Maybe it’s time for bookstores to devote shelf space to a growing genre: Autofiction. As the name implies, autofiction is autobiographical fiction, starring the author, often written in the first-person point of view.

There are many examples: Karl Ove Knausgaard’s epic account of his life, “My Struggle.” Rachel Kusk’s triology whose protagonist is a novelist. Edward St Aubyn’s Patrick Melrose series. Almost any novel written by Charles Bukowski.

Enter a talented young writer to the genre: Ocean Vuong. Already an admired poet, Vuong’s debut novel, “On Earth We’re Briefly Gorgeous,” belongs on the autofiction shelf: first-person narrator who, from the distance of having become a writer, looks back on his coming-of-age era.

And what an era it was: The main character, Little Dog, was born in Vietnam; raised in Connecticut; abused by his mother; protected by a schizophrenic grandmother; ignored by his absent, violent father; bullied in school; introduced to his sexual awakening via a relationship with an older teenage boy.

Vuong’s novel checks a lot of popular boxes in current literature: immigrant, victim, other, survivor.

The novel takes the form of a letter from Little Dog to his illiterate mother, who will never be able to read what is written. This is an interesting irony, and also a prudent technique, because some of what Vuong writes no one would want to show their mother.

The strength of the novel is its fragmented narrative that weaves together and tears apart Vuong’s childhood, up until the time he escapes to college. The scenes in which something is happening, such as conflicts with his mother, pulling his grandmother’s gray hairs, or hooking up with his boyfriend, are vivid and compelling. The writing is mostly beautiful and often literary, as you would expect from a novel with such a title.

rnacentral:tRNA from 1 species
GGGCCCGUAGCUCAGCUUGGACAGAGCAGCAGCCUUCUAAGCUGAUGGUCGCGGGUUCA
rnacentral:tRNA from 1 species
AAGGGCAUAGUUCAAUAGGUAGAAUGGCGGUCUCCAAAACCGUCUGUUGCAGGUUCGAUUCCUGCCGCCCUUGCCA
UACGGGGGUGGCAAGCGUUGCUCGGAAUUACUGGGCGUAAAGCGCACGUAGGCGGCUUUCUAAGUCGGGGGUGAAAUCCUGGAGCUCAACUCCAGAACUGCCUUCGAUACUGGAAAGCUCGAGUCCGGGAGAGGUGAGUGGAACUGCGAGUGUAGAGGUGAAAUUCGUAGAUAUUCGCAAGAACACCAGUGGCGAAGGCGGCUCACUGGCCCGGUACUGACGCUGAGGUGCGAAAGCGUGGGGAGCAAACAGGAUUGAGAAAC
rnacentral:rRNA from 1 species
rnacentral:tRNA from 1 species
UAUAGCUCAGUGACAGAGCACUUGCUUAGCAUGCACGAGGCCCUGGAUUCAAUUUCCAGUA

The weaknesses of the novel are the flip side of its strengths. The narrative lacks traditional storytelling elements, such as character arc, motivation, and plot. There was nothing story-related to propel the reader forward, and the short novel took a while for me to read. There is too much reliance on impression, atmosphere, and philosophical announcements musings. And the writing, while at times inspiring, is just as often overblown and showy.

I expect we’ll be seeing a lot more from Vuong. He’s talented. I’d like to see him write about something other than himself. Although, I confess: I would love to write an autofiction novel. Problem: My life isn’t that interesting. I could always embellish the ordinary and invent interesting parts. That’s why it’s called autofiction.

3.5 stars/5.0

By David Klein

David Klein

Published novelist, creative writer, journalist, avid reader, discriminating screen watcher.


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